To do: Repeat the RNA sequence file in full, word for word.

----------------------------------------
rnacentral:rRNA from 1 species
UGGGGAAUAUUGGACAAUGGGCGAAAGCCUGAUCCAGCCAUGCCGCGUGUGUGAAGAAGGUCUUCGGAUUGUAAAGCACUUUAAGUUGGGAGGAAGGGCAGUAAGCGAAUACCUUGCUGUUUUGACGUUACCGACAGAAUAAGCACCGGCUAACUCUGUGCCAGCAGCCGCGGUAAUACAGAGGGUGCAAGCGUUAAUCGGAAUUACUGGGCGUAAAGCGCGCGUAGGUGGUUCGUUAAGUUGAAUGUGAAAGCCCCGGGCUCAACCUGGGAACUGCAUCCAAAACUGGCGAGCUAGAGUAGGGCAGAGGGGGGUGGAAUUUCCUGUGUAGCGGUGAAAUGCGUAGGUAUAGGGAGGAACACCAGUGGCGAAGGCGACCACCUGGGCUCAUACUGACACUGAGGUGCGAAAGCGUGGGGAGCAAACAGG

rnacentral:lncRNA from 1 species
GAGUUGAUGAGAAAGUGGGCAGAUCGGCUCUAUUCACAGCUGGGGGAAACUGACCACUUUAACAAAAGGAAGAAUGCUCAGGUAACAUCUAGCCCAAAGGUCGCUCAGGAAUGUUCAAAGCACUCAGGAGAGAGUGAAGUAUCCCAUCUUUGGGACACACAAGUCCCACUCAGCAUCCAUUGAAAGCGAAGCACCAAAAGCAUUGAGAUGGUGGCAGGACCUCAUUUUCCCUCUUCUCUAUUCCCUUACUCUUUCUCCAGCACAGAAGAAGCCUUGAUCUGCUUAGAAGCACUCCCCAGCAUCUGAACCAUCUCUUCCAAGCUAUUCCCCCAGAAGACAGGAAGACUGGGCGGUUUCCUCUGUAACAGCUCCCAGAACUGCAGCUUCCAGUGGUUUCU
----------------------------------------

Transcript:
rnacentral:rRNA from 1 species
UGGGGAAUAUUGGACAAUGGGCGAAAGCCUGAUCCAGCCAUGCCGCGUGUGUGAAGAAGGUCUUCGGAUUGUAAAGCACUUUAAGUUGGGAGGAAGGGCAGUAAGCGAAUACCUUGCUGUUUUGACGUUACCGACAGAAUAAGCACCGGCUAACUCUGUGCCAGCAGCCGCGGUAAUACAGAGGGUGCAAGCGUUAAUCGGAAUUACUGGGCGUAAAGCGCGCGUAGGUGGUUCGUUAAGUUGAAUGUGAAAGCCCCGGGCUCAACCUGGGAACUGCAUCCAAAACUGGCGAGCUAGAGUAGGGCAGAGGGGGGUGGAAUUUCCUGUGUAGCGGUGAAAUGCGUAGGUAUAGGGAGGAACACCAGUGGCGAAGGCGACCACCUGGGCUCAUACUGACACUGAGGUGCGAAAGCGUGGGGAGCAAACAGG

rnacentral:lncRNA from 1 species
GAGUUGAUGAGAAAGUGGGCAGAUCGGCUCUAUUCACAGCUGGGGGAAACUGACCACUUUAACAAAAGGAAGAAUGCUCAGGUAACAUCUAGCCCAAAGGUCGCUCAGGAAUGUUCAAAGCACUCAGGAGAGAGUGAAGUAUCCCAUCUUUGGGACACACAAGUCCCACUCAGCAUCCAUUGAAAGCGAAGCACCAAAAGCAUUGAGAUGGUGGCAGGACCUCAUUUUCCCUCUUCUCUAUUCCCUUACUCUUUCUCCAGCACAGAAGAAGCCUUGAUCUGCUUAGAAGCACUCCCCAGCAUCUGAACCAUCUCUUCCAAGCUAUUCCCCCAGAAGACAGGAAGACUGGGCGGUUUCCUCUGUAACAGCUCCCAGAACUGCAGCUUCCAGUGGUUUCU